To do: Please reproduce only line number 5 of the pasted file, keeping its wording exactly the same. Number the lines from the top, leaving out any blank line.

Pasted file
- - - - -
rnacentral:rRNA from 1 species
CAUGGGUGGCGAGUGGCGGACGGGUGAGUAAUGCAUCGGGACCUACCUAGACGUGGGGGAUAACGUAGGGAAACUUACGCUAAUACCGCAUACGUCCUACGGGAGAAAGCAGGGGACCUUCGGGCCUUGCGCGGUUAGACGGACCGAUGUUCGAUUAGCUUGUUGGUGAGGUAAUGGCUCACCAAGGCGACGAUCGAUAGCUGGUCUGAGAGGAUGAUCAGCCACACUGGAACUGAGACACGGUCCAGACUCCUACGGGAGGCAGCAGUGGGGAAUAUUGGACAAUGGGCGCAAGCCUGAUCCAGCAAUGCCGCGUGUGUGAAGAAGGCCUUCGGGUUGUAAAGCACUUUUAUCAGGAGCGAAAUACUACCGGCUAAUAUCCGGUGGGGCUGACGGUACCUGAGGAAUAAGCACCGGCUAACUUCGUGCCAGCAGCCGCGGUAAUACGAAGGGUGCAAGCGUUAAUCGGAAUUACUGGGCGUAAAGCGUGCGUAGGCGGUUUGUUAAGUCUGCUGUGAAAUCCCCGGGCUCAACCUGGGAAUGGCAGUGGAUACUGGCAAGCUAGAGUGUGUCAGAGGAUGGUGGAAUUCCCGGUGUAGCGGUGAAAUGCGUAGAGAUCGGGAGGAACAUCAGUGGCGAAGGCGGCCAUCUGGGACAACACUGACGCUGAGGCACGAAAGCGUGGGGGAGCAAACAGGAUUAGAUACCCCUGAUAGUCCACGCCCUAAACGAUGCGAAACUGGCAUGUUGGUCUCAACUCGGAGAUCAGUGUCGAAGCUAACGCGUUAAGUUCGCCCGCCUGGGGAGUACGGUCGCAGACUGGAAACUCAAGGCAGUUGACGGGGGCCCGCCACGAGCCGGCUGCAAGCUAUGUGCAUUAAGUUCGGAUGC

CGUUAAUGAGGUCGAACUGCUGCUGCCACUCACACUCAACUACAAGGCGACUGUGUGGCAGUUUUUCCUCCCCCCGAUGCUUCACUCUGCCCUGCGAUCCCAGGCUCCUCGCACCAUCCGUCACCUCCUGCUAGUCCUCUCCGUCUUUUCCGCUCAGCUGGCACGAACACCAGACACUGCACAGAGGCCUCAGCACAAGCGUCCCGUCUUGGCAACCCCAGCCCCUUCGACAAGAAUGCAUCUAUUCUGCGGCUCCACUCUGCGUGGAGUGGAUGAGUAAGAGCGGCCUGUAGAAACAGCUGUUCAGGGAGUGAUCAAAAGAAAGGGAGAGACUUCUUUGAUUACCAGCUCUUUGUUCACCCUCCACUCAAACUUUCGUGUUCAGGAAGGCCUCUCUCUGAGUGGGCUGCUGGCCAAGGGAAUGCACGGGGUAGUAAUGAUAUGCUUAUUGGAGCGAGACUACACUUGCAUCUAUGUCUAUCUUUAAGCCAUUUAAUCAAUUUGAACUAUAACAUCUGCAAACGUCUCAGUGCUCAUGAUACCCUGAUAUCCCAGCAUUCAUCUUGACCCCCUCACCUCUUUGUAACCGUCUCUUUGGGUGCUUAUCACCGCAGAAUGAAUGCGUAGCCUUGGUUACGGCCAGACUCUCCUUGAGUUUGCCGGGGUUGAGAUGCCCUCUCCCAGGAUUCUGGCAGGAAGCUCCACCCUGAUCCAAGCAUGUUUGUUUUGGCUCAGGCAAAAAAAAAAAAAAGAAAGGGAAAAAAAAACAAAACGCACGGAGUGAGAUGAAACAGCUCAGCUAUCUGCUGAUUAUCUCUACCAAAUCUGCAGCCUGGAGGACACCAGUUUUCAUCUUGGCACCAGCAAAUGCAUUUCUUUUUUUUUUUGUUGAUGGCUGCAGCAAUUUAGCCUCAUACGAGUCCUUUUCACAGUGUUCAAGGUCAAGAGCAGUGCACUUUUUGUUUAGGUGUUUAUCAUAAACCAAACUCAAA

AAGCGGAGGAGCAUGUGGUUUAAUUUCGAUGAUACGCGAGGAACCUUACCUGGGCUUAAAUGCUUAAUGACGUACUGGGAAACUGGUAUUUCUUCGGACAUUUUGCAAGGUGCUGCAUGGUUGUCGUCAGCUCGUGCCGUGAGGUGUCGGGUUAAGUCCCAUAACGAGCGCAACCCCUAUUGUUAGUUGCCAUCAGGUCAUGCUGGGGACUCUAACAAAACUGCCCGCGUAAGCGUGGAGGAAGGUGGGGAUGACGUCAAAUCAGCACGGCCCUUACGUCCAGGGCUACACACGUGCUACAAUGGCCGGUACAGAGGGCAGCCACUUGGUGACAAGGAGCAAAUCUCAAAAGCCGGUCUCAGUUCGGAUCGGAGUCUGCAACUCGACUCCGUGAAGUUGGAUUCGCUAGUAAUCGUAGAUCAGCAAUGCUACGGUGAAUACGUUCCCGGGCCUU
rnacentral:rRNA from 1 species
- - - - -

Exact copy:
rnacentral:rRNA from 1 species